Fri Apr 22 2022·2 min read
Photo by Barry
The Python "ZeroDivisionError: integer division or modulo by zero" occurs when
we use the modulo
% operator with an integer and a zero. To solve the error,
figure out where the
0 comes from and correct the assignment.
Here is an example of how the error occurs.
a = 6 b = 0 # ⛔️ ZeroDivisionError: integer division or modulo by zero result = a % b
We tried using the modulo
% operator with a zero.
It's unclear what value is expected when we divide by
0, so Python throws an
When we divide a number by
0, the result tends towards infinity.
0value comes from and correct the assignment.
Here are some unexpected sources of
import random print(int()) # 👉️ 0 print(int(0.9)) # 👉️ 0 print(random.randint(0, 10)) # 👉️ 0 print(list(range(0, 5))) # 👉️ [0, 1, 2, 3, 4]
If you use the
random.randint() method or the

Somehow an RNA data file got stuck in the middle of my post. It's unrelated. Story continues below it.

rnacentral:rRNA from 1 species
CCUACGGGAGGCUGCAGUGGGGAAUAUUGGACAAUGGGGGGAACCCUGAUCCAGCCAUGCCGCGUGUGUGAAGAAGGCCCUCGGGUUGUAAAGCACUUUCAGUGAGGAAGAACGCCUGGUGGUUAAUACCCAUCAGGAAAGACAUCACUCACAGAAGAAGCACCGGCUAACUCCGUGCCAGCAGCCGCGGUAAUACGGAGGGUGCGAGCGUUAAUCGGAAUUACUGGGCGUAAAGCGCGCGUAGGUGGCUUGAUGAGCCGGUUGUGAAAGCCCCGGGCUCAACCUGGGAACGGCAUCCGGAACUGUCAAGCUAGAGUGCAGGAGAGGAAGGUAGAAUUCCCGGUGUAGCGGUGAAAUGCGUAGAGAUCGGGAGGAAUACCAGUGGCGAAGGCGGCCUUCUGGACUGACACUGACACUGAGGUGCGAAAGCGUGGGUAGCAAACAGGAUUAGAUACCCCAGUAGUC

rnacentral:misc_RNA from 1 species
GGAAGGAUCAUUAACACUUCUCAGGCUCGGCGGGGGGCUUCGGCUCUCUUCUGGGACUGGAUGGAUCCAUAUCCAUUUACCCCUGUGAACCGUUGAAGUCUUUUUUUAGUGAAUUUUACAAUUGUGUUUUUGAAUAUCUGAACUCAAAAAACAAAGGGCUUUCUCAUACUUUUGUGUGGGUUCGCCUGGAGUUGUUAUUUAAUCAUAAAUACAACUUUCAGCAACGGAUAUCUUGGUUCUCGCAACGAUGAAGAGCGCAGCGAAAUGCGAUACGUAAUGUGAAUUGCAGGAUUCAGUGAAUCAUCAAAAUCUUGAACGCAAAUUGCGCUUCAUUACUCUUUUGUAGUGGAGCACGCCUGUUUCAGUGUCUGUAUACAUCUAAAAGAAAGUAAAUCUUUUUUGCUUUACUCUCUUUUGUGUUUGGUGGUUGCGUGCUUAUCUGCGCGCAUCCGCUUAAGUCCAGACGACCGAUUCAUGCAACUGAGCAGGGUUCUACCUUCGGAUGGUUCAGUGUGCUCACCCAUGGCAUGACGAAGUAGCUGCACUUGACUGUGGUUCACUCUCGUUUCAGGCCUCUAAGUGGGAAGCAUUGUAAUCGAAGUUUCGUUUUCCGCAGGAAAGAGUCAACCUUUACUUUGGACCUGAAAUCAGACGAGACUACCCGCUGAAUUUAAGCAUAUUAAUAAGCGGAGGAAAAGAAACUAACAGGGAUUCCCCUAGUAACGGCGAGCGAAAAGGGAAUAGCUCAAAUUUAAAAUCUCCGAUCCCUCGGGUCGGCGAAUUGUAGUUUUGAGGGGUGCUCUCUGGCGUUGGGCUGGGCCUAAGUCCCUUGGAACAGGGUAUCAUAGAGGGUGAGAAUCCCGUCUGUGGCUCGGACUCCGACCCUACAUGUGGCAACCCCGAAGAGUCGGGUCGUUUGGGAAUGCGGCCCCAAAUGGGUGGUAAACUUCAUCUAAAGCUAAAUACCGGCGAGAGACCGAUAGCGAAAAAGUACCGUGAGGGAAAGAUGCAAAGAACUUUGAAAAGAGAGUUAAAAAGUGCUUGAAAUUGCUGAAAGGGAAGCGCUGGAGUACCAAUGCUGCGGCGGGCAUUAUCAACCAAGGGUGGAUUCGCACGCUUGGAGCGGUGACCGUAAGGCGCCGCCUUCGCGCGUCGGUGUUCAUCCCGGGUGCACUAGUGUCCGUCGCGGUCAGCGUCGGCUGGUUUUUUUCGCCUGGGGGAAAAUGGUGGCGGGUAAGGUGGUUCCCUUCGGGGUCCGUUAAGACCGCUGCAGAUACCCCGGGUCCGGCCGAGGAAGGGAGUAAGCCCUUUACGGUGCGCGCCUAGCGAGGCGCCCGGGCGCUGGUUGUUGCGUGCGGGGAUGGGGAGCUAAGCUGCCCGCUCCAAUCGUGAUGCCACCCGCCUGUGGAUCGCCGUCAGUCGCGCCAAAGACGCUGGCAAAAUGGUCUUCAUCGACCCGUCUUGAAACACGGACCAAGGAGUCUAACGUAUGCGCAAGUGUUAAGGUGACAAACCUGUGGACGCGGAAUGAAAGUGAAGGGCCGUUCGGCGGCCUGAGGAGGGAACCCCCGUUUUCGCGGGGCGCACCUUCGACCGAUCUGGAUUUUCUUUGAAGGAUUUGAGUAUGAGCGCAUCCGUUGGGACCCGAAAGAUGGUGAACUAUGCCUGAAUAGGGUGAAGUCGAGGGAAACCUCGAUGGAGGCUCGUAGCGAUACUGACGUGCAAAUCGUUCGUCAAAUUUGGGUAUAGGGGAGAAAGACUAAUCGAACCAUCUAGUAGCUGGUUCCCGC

range() class, make sure to
1, and not from
You can also conditionally check if the variable doesn't store a
before using the modulo operator.
a = 6 b = 0 if b != 0: result = a % b else: # 👇️ this runs print('b is equal to 0')
Alternatively, you can use a
a = 6 b = 0 try: result = a % b print(result) except ZeroDivisionError: pass
We use the modulo operator and if we get a
block is ran.
You can set the
result variable to a value that suits your use case in the
except block or simply pass.
The modulo (%) operator returns the remainder from the division of the first value by the second.
print(10 % 2) # 👉️ 0 print(10 % 4) # 👉️ 2
If the value on the right-hand side is zero, the operator raises a
The left and right-hand side values may also be floating point numbers.
If the left-hand side value is a float and the right-hand side value is
would get a "ZeroDivisionError: float modulo" error.
# ⛔️ ZeroDivisionError: float modulo print(10.5 % 0) # 👉️ 0